Why it matters to you
Pierre-Loup Griffais of Valve Software recently jumped on Twitter to announce the launch of a developer build of SteamVR for Linux. Available now on GitHub, it is offered in the beta branch only so that developers can begin creating Linux-based content that will be distributed through Steam. Limited hardware support is provided, the release notes indicate, and developers will need pre-release drivers to run the beta.
According to the notes, SteamVR for Linux is based on the Vulkan graphics API, which is an open-source alternative to Microsoft’s DirectX and another older, open-source API called OpenGL. These APIs are what is used for games and other software to interact specifically with a graphics card. Vulkan is the latest of the trio, offering more access to the graphics chip than its OpenGL predecessor.
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That said, to use SteamVR for Linux, developers will need the latest Vulkan drivers. If they are working with Nvidia cards, they will also need version 375.27.10 of the Nvidia Developer Beta Driver, which can be downloaded from Nvidia here. It can also be obtained as a Debian packaged version from Nvidia’s online development drivers repository.
Meanwhile, developers creating content on AMD hardware will need a pre-release version of the RADV open-source Radeon Vulkan driver. Valve provides a build in the SteamVR for Linux repository that can be cloned and used after setting an environment variable. Currently, SteamVR for Linux doesn’t support direct mode, so the VR headset must be set to extended mode.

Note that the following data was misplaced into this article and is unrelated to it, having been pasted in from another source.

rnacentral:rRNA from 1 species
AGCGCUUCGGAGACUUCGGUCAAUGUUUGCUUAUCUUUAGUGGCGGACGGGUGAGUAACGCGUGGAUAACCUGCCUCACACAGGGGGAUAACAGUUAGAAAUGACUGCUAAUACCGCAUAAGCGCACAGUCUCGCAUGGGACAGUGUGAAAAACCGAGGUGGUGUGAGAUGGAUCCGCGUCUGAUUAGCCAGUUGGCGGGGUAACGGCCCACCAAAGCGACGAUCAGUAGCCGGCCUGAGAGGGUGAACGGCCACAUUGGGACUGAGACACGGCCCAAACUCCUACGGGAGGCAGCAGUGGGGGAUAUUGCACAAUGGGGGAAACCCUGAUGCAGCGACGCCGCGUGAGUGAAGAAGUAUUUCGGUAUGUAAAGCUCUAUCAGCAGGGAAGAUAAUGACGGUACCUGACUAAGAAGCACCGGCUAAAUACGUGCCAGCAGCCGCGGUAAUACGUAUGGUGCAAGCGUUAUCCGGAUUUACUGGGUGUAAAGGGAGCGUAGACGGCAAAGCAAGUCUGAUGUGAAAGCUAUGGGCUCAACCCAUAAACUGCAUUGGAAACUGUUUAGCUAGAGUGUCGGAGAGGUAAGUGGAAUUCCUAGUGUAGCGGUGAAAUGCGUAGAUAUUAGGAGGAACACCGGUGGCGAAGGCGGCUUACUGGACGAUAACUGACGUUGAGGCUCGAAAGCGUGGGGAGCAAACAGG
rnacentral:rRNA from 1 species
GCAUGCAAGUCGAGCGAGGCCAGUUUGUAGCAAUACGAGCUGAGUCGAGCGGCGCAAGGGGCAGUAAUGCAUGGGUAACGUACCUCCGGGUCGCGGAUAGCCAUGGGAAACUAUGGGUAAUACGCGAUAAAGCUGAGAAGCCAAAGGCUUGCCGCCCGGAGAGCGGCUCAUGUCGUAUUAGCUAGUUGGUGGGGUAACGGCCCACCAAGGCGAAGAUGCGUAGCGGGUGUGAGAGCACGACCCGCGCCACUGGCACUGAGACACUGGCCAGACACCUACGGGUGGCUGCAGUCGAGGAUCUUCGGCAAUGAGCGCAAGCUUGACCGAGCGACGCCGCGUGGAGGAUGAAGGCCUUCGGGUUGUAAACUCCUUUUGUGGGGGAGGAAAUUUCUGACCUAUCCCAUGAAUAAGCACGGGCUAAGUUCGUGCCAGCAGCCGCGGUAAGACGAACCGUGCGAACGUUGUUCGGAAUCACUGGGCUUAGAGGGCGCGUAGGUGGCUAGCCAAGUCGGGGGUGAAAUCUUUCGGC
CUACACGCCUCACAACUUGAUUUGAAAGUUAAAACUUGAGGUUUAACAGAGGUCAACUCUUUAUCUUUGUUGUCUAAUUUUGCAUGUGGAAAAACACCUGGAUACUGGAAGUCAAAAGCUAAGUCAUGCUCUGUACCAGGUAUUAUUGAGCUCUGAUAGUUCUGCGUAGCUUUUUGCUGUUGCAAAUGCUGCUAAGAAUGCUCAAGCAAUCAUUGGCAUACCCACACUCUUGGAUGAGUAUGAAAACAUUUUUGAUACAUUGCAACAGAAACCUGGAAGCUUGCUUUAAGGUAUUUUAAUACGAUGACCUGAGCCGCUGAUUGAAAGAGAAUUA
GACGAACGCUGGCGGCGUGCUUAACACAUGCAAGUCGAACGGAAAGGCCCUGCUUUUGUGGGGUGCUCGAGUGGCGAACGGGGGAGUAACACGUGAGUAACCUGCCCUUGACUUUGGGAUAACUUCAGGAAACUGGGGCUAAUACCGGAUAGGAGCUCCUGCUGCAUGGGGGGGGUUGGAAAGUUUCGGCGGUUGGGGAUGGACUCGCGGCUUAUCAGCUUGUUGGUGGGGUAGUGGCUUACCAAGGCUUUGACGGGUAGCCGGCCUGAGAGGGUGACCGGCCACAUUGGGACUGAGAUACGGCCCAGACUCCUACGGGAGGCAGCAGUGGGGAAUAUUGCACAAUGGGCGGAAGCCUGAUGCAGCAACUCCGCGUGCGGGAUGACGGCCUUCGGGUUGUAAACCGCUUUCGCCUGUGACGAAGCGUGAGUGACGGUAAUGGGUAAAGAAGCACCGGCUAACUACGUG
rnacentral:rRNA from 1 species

“SteamVR needs to be able to access the HTC Vive’s USB devices,” the release notes state. “On most Linux distributions this is not allowed by default. The latest version (18.104.22.168) of the Steam package will automatically install udev rules that allow this. However, many distributions repackage Steam. If you have installed one of those packages, you may not have the latest Steam udev rules.”
Finally, developers will need Unity 5.6 or later. However, because SteamVR on Linux only supports the Vulkan driver, developers will need to go into the game engine and add “Vulkan (Experimental)” to the Graphics APIs for Linux option. Also, make sure the “Auto Graphics API for Linux” option is unchecked.
Ultimately, this move to add SteamVR support to Linux is just one step closer to Valve’s infiltration into the living room. The company set out to overthrow the console market with its Steam Machine initiative, which consists of console-like gaming PCs. These PCs are typically powered by Valve’s open-source SteamOS operating system, which is based on Linux.
The move to add Linux support is also Valve’s attempt to provide an open-VR solution across multiple markets, including MacOS. Valve’s Joe Ludwig promised during the Steam Dev Days event in October that SteamVR would come to Linux in a matter of months, and Valve has lived up to that promise. Next up should be MacOS, which may be officially revealed during game Developers Conference at the end of February.